Asleep on the Job: Where are the Consequences for Contractor Misconduct?
by Gary Therkildsen*
Oct 7, 2009
In what may be the next big defense contracting scandal, an Associated Press story released this morning relates some troubling findings from a recent investigation. AP reporters uncovered serious flaws with the U.S. Army's $2.7 billion contract with Combat Support Associates (CSA), a contractor tasked with supporting U.S. troops at bases throughout Kuwait. After months of bad press and congressional hearings into the defense contracting industry, you would think this investigation might provide just that little extra momentum for Congress or the federal government to clean up this mess, but don't count on it.
The investigation, which the AP conducted through interviews and Freedom of Information Act (FOIA) requests, found that the Army provided very little oversight of CSA between 2003 and 2007. When contracting officials finally got around to looking into the contractor's books, they found numerous contract violations, several of them serious.
One report from an Army sergeant on a routine check of a watchtower found a Combat Support Associates guard asleep in a chair. Click here for picture. Officials also discovered that the contractor failed "to properly secure classified communications gear and weapons stored in warehouses." Nor did CSA have a "system in place to check the identification of contract employees – who are often not American citizens – at U.S. maintenance facilities in Kuwait."
The AP story summarizes the contractor's recent performance thusly:
In the past two years alone, Combat Support Associates received dozens of warnings from the government to improve performance, the records show. Several of those have been Level Three warnings, which are issued only in cases of serious noncompliance with the terms of a contract.
When questioned about problems with the contract – which expires in March – Army officials were only willing to go as far as "contemplating changes in how they handle...base support work." Jeffery Parsons, executive director of the Army Contracting Command at Fort Belvoir, Va., says he expects the contract to be "broken up into smaller, more manageable pieces that will generate competition and improve performance."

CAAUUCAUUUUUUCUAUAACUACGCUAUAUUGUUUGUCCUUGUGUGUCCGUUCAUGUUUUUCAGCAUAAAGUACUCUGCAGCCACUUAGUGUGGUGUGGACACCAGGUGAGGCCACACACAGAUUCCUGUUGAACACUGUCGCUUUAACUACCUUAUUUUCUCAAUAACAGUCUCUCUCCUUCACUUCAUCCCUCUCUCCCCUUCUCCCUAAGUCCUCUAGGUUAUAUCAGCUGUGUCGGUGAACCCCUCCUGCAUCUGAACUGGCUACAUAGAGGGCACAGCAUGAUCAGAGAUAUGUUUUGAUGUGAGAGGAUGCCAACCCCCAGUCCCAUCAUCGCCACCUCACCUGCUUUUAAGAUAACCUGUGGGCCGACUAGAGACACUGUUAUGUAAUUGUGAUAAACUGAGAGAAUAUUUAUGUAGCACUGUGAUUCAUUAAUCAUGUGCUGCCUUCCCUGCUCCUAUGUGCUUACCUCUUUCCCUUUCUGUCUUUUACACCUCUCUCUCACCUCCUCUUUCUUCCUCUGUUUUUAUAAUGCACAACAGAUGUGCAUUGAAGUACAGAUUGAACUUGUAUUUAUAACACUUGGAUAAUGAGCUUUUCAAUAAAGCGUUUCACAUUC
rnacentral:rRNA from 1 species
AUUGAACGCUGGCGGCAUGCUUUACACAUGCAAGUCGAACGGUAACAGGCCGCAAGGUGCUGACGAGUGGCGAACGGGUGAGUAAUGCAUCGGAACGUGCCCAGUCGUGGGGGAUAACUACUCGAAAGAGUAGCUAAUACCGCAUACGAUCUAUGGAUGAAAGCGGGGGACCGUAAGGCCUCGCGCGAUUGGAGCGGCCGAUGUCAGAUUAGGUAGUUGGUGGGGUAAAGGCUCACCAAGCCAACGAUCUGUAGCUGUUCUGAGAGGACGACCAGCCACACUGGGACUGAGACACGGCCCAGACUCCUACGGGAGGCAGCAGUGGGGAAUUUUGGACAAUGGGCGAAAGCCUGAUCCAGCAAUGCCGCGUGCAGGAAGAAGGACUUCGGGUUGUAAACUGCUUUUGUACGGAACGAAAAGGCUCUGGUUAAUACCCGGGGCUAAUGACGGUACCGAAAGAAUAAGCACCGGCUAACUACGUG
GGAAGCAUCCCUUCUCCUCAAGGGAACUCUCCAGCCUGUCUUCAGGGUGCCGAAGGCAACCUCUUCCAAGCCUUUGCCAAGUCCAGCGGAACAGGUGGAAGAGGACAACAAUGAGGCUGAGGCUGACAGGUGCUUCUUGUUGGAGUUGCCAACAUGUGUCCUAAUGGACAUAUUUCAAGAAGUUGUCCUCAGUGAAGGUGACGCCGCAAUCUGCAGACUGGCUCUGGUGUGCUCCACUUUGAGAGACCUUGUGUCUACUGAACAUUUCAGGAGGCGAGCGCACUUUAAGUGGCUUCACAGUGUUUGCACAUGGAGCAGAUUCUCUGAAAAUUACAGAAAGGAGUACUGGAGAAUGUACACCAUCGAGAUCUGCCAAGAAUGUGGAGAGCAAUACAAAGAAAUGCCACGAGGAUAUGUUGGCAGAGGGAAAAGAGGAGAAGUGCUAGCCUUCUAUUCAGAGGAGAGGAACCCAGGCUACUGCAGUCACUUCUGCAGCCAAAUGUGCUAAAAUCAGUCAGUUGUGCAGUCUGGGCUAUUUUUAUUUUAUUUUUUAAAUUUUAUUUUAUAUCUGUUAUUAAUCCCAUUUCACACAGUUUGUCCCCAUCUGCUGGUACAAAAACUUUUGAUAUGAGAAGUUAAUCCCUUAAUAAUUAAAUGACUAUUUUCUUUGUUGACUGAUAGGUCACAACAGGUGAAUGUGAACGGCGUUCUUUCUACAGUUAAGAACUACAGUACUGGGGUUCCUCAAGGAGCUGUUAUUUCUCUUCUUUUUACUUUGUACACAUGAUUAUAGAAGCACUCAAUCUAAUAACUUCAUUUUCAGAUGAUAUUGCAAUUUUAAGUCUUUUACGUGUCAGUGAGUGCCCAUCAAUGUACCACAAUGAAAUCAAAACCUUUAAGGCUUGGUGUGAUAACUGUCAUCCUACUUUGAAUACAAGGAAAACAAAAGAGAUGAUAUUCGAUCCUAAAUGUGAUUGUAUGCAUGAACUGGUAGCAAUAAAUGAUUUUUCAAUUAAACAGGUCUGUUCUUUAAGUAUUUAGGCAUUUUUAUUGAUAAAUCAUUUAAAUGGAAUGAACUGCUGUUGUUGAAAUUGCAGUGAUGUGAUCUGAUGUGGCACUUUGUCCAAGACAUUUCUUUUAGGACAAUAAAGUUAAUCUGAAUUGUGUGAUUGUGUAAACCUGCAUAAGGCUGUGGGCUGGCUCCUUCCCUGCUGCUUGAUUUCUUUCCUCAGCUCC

Meanwhile, CSA, claiming that it has or is in the process of resolving all of the Army's corrective action warnings, has seen no deleterious effects due to its poor performance. Rather, over the last decade, Combat Support Associates has earned an "excellent," "very good," or "good" rating from the Army Sustainment Command, a logistics coordination agency within the Army Material Command. These above average grades have allowed the contractor to earn close to $90 million.
Unfortunately, this pattern of soft-pedaling a problem contractor is standard operating procedure within the government. A recent Wartime Contracting Commission hearing displayed the State Department's complete lack of fortitude to cancel a contract, let alone punish a contractor, for extremely poor performance. Though witnesses provided overwhelming evidence of ArmorGroup's negligence that jeopardized security at the U.S. Embassy in Kabul, Afghanistan –including an apparent cover-up of debauched drinking parties – State Department officials refused to go any further than promising to review the contract.
Moreover, the AP investigation uncovered allegations that Combat Support Associates overbilled the Pentagon. These findings reinforce the Wartime Contracting Commission's work over the summer that found contractors routinely operate with faulty internal controls that rip off the government for billions every year. Even if the government finds these "discrepancies," it rarely disciplines the contractor; unless you consider paying back the money owed a punishment.
While it is encouraging to see the Army may learn a lesson about competition from its current dealings with CSA – in that it may break the contract down and allow smaller, less diversified contractors to get involved – it's troubling to see the lack of consequences for the contractor's many violations. The situation may not warrant cancellation of the contract, but surely some sort of penalty is in order.
It is the complete lack of penalties for CSA's actions thus far, and in cases like CSA's, that perpetuate bad behavior by contractors. What is a contractor to think when it sees the State Department's reaction to ArmorGroup and the Army's reaction to CSA? Without tangible consequences to often-willful violations of contract statutes and, more importantly, laws there will continue to be stories like this, no matter what legislation is passed to increase scrutiny of contractors.
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